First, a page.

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Some companies including H&M, IKEA, and Barnes & Noble canceled ads for publications owned by Village Voice Media. The California arrest warrant alleged that 99% of Backpage’s revenue was directly attributable to prostitution-related ads, and many of the ads involved victims of sex trafficking, including children under the age of 18.
Over 230,000 people including 600 religious leaders, 51 attorneys general, 19 U. senators, over 50 non-governmental associations, musician Alicia Keys, and members of R. M., The Roots, and Alabama Shakes petitioned the website to remove sexual content. The State of Texas was also considering a money laundering charge pending its investigation.
Backpage is a classified advertising website launched in 2004.
It offers classified listings for a wide variety of products and services including automotive, jobs listings, and real estate.
Backpage came under fire starting in 2011 for allegations that their adult services subsection was used for prostitution and human trafficking, particularly involving minors, and that the company took insufficient steps to prevent these practices.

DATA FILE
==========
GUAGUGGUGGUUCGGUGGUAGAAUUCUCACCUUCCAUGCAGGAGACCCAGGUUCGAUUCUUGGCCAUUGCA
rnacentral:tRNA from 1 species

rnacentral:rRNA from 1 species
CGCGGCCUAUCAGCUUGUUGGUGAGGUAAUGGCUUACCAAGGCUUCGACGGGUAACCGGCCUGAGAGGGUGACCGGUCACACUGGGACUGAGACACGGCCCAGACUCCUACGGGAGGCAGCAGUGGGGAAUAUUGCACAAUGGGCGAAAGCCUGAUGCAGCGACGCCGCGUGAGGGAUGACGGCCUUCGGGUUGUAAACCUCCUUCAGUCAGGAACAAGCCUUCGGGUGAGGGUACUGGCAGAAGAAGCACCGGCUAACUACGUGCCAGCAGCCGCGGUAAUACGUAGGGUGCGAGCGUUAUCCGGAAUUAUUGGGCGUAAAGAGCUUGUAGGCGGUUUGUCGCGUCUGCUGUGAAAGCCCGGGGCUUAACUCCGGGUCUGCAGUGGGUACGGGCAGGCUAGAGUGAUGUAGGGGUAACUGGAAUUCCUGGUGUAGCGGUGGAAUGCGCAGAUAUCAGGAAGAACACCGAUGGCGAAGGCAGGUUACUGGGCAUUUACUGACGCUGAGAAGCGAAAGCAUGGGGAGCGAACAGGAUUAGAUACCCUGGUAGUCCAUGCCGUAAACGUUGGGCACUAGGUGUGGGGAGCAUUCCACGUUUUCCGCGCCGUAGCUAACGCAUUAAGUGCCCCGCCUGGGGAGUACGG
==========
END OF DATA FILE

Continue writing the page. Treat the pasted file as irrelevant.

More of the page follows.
The site included the various categories found in newspaper classified sections including those that were unique to and part of the First-Amendment-driven traditions of most alternative weeklies.
These included personals (including adult-oriented personal ads), adult services, musicians and "New Age" services.
In addition, they argue that by providing prompt and detailed information about postings to law enforcement when asked to do so (including phone numbers, credit card numbers and IP addresses), Backpage aids law enforcement in protecting minors from such activity.
They also contend that the prompt and complete production of this information results in more convictions for illegal activities and that shutting down the adult section of Backpage will simply drive the traffickers to other places on the internet that will be less forthcoming about crucial information for law enforcement.